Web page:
Delegate and Collaborate

Throughout the year we need to delegate and collaborate. This is even more true during the holidays. Don’t be afraid to ask for help or delegate tasks. Family and friends want to join in the fun by bringing a favorite food during the holidays. Collaborative family events reduce the burden on you and also create opportunities for bonding and shared joy.


Practice Gratitude

Gratitude changes our perspective on everything. Pause and reflect on the abundance in your life and find those “glimmers” of joy that are a part of daily life. Perfectionism and comparison are the thieves of joy. Be realistic in getting up your calendar and task list knowing that you are grateful in the shared experiences of the holidays. Set a time each day to fully reflect on your gratitude. Many people enjoy a quiet time with prayer during this time too.


Embracing joy during the holiday season is possible through thoughtful planning, self-care, and a positive mindset. By prioritizing your well-being, simplifying your celebrations, and seeking support from loved ones, you can make the most of this special time of year. Remember that the essence of the holidays lies in the moments you share and the love you give through thoughts and deeds at this season.

Week by Week Holiday Planning



week by week holiday planning


The weeks of December pass quickly! There are more activities to attend and more tasks to do as each week goes by.  Focusing on one task per week, even with all the events to attend, makes it easier to enjoy the holidays. You will have to make decisions on what is most important for your family, meaning that some tasks may not happen at all. Prioritize first, then follow this weekly plan.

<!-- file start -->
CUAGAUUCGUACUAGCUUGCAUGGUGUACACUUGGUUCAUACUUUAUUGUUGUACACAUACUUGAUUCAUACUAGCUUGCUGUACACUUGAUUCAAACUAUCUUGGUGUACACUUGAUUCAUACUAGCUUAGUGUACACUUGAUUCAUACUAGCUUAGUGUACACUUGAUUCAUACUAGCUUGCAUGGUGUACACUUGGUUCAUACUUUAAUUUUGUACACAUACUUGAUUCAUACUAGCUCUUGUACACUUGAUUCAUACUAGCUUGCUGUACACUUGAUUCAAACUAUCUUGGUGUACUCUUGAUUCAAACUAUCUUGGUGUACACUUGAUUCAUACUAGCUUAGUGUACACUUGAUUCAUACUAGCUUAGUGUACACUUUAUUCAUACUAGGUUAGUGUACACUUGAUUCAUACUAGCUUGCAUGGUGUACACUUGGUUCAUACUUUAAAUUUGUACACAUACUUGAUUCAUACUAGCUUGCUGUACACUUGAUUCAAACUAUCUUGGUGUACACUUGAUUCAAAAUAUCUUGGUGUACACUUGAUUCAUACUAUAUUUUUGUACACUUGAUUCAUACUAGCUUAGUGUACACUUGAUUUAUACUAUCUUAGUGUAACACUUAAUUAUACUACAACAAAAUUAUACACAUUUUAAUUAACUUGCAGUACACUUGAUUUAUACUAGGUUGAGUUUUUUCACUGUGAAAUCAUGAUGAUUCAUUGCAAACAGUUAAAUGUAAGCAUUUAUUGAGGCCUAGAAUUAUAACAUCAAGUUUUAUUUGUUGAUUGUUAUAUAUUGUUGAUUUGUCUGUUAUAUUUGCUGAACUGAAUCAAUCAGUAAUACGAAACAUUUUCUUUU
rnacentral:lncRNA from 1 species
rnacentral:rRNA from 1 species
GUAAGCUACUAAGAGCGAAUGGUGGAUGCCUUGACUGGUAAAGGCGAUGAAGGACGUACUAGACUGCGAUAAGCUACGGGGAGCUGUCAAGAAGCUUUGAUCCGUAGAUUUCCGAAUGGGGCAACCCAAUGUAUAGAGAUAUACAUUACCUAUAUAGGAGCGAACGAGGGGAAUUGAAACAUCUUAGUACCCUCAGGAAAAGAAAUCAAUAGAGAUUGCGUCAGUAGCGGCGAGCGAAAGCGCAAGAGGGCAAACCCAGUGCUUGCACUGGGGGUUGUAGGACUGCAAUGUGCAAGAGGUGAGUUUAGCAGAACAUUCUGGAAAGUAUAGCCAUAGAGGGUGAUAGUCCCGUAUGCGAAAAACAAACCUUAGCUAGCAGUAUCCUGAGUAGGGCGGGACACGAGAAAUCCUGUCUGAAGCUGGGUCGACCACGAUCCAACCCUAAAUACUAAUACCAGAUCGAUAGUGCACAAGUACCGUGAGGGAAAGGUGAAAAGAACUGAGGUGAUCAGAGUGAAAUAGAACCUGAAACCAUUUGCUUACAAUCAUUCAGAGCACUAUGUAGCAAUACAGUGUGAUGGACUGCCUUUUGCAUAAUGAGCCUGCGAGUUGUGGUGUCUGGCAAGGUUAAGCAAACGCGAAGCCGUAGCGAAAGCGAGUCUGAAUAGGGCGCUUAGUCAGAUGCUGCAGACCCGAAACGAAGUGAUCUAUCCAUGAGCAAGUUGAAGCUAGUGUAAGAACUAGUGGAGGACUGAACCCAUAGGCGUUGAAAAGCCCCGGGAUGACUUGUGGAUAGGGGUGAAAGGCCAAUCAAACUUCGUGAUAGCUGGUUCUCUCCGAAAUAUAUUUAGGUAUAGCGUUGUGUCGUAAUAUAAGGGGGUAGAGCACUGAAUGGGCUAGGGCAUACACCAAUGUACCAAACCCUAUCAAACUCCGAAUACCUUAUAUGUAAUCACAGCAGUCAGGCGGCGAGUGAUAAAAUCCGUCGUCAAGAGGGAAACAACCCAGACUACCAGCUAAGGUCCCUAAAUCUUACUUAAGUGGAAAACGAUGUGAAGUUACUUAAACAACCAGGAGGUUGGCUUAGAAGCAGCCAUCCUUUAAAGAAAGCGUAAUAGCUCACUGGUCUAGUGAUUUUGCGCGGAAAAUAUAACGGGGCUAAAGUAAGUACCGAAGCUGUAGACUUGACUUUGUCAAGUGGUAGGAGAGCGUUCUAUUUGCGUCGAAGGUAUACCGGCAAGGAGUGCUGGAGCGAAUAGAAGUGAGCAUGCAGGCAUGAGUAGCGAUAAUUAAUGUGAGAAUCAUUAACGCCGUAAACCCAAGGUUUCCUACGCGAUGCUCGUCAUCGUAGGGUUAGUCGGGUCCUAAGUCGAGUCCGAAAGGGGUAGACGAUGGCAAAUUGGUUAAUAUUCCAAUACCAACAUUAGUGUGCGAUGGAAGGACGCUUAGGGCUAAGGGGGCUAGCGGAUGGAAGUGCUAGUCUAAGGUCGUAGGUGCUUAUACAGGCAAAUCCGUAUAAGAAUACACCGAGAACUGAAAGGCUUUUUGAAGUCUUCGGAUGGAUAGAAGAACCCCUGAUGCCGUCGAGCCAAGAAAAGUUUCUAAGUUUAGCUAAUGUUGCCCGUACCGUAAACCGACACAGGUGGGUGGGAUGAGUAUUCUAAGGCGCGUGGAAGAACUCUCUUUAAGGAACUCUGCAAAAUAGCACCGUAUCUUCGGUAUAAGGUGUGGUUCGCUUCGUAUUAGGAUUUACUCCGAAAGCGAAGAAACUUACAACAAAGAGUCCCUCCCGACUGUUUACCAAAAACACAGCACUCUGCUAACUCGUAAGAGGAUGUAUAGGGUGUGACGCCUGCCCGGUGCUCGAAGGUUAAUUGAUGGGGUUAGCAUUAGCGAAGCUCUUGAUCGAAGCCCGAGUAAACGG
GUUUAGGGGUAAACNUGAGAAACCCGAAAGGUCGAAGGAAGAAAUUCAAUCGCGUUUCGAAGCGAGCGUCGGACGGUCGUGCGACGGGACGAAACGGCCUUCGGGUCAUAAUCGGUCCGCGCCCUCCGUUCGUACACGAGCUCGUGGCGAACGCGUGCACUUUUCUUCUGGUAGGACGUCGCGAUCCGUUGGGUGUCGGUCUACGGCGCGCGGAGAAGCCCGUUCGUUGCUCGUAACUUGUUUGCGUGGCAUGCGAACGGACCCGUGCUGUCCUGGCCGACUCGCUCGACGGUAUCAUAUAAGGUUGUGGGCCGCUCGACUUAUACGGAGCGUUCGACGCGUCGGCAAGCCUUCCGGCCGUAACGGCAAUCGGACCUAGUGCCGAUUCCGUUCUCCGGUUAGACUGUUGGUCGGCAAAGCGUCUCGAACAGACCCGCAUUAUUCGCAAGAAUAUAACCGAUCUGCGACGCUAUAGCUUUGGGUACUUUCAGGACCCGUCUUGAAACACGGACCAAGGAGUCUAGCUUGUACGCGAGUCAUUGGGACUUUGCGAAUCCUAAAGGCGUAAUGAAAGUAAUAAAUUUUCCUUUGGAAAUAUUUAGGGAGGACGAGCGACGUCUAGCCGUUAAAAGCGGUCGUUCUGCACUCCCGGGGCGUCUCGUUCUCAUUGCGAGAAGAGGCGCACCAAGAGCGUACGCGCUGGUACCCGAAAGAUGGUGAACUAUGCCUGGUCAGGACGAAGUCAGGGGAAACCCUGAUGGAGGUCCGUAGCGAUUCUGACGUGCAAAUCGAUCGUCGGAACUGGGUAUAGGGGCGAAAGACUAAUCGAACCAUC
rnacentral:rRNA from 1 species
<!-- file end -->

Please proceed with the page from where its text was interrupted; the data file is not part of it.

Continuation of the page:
Before the end of November – create your holiday calendar

Start off with your family’s holiday calendar. Holiday social schedules, school activities and religious events are all part of the fun and at the same time overwhelming.  Those with with ADHD feel stressed with all the responsibilities and multiple overlapping events. Be wise to choose which engagements are most important and put these on the calendar. For those last minute oops events, decide which take priority or if you can attend multiple events on the same day.  Prepare for the energy needed to attend, the transitions between events,  and the preparation time for you to be ready.